All of our Cure 360 strategies will require the delivery of therapeutics to the brain and, ideally, the ability to regulate how much of the MECP2 protein is made. Understanding how MECP2 functions informs the ability for regulation. Our scientific resources increase our foundational knowledge base, exponentially increasing our chances of success.
Enhancing Brain Delivery
Exploring viral and non-viral delivery methods of curative therapeutics
Rett syndrome is a neurological disorder, so any therapeutic will need to be delivered to the brain and will need to access as many cells as possible. Delivery of therapeutics to as many brain cells as possible is therefore a crucial objective.
One avenue for delivery is through viruses, which naturally infect specific cell types. The current gold standard for delivering therapeutics to the brain is a virus called adeno-associated virus serotype 9 (AAV9), which infects neurons relatively well and does not cause human disease. AAV9 is already in use for other diseases and is the delivery platform for the AveXis gene replacement program.
AAV9, however, has a number of limitations. First, there is limited cargo space within the AAV capsid to package certain therapeutics. AAV9 has sufficient cargo space for gene replacement and some of our other approaches, but probably not all. Secondly, AAVs are very costly to manufacture, and this results in expensive therapeutics. Thirdly, AAVs may not hit as many brain cells as we would like. And, lastly, AAVs can induce an immune response that raises concerns regarding the safety of repeat dosing, should that be needed.
RSRT is vigilantly scouting for alternative delivery platforms that do not have the challenges listed above and is currently evaluating a number of them, including lipid nanoparticles, polymer-based nanoparticles, exosomes, and cell-based delivery.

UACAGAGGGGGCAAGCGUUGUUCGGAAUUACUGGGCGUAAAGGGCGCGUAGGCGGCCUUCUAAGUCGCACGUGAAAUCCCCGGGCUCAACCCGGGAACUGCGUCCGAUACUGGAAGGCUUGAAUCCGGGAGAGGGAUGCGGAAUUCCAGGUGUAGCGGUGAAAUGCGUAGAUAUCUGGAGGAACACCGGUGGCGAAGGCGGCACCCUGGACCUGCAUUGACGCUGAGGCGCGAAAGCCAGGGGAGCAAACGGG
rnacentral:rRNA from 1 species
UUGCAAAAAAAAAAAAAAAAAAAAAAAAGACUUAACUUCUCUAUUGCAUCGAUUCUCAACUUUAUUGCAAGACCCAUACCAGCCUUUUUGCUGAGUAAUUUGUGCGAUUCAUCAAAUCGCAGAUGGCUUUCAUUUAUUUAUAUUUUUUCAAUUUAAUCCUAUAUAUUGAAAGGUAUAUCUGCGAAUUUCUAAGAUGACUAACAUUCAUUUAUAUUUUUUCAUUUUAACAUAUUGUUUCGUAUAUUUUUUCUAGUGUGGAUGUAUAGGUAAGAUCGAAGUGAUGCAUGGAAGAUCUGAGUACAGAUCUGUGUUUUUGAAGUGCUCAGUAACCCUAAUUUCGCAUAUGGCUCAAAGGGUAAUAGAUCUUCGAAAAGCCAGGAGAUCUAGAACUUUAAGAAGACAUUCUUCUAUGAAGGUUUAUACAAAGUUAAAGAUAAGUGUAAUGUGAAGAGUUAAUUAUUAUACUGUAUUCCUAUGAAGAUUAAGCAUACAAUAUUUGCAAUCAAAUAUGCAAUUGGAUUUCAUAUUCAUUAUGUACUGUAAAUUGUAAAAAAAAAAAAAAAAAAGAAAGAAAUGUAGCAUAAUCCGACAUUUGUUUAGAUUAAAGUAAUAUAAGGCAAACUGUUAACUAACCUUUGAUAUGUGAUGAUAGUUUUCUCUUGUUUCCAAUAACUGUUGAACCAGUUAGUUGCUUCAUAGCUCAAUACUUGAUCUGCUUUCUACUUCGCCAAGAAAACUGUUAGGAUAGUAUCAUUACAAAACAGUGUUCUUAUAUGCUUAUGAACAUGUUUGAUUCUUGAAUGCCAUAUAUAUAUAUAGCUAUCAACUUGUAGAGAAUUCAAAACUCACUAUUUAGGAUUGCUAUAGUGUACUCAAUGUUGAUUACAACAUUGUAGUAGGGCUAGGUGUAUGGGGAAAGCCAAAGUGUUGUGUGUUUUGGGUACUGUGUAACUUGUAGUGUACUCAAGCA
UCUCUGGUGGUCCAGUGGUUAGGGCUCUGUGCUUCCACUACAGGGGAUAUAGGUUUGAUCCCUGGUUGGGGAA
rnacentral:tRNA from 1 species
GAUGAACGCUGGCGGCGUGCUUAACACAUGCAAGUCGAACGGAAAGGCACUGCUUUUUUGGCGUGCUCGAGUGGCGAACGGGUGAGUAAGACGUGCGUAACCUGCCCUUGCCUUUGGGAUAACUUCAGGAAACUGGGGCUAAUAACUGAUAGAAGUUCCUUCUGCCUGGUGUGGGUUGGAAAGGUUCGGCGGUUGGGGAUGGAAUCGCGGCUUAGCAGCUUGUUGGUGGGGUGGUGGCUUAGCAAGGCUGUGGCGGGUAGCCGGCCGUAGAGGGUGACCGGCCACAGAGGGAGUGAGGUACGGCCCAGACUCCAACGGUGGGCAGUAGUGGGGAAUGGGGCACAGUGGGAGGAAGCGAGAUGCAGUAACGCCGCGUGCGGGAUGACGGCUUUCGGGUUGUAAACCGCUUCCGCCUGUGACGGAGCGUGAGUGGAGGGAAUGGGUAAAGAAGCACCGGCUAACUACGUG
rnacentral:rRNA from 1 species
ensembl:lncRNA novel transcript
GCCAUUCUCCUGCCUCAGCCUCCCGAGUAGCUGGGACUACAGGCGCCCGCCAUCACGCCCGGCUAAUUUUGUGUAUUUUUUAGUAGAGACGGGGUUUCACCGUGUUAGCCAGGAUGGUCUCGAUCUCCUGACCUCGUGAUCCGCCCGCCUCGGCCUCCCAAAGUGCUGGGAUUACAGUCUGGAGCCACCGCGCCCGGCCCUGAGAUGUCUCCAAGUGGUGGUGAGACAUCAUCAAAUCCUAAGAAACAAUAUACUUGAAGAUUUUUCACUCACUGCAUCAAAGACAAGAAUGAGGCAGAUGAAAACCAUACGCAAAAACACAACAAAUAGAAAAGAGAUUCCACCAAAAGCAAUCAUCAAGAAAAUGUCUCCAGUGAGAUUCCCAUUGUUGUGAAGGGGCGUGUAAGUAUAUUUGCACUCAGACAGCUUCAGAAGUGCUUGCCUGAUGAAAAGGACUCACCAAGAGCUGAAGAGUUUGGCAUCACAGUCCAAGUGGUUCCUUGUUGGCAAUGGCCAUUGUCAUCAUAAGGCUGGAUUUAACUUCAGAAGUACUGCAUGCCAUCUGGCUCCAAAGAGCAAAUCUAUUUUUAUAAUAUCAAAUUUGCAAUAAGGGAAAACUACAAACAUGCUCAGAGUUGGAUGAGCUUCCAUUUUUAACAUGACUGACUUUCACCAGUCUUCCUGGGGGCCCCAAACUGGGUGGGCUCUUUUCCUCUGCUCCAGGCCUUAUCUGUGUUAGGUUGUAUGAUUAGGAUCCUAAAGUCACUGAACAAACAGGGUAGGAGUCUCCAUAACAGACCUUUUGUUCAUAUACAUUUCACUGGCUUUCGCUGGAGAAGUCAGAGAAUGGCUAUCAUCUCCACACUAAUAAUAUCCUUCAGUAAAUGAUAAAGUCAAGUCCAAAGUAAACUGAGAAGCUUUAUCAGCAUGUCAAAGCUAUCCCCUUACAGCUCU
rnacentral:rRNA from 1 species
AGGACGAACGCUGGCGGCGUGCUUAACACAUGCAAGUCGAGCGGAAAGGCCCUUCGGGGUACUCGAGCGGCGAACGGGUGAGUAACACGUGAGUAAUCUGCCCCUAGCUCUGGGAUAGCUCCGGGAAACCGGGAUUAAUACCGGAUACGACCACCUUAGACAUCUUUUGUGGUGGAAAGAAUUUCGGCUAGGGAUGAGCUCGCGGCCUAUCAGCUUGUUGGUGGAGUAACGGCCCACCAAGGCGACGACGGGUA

Regulation of MECP2
The MECP2 protein is often referred to as a goldilocks protein, as you need just the right amount — too little leads to Rett syndrome and too much likely contributes to the MECP2 duplication syndrome. For certain therapeutic strategies we are pursuing, such as gene therapy, it may be important to regulate the amount of MECP2 protein that is produced in each cell. So we’re funding labs that are developing feedback loops to ensure proper dosage of MECP2.
Dr. Stuart Cobb, PhD, from the University of Edinburgh, has developed single-cell feedforward circuits that aim to normalize the expression of MECP2 across cells. The system essentially aims to expand the therapeutic window so that MECP2 can be delivered to a greater percentage of brain cells without overexpressing the protein in individual cells.
Michael Elowitz, PhD
Dr. Michael Elowitz, PhD, from Caltech is developing a feedback circuit with a failsafe switch that destroys excess MECP2. Based on feedback circuits found in nature, the Elowitz team has developed synthetic circuits that can react to and regulate levels of MECP2. In other words, the circuit can sense when there are higher levels of MECP2 than are needed and get rid of the excess. Regardless of level of gene dosages, the circuit can maintain a relatively fixed level of the protein. These circuits will ensure that no matter how many copies of the MECP2 gene are delivered, the right amount of MECP2 protein will be expressed in the cell.
Jackson Labs Mice Models Initiative
Jackson Laboratories (Jax) is the gold standard for research focused on mouse genomics to cure human disease. Aside from advancing breakthrough technologies such as in vitro fertilization, stem cell and transplant therapies, Jax is a repository and distributor for more than 11,000 mouse models as well as in-house services to facilitate biomedical research around the globe.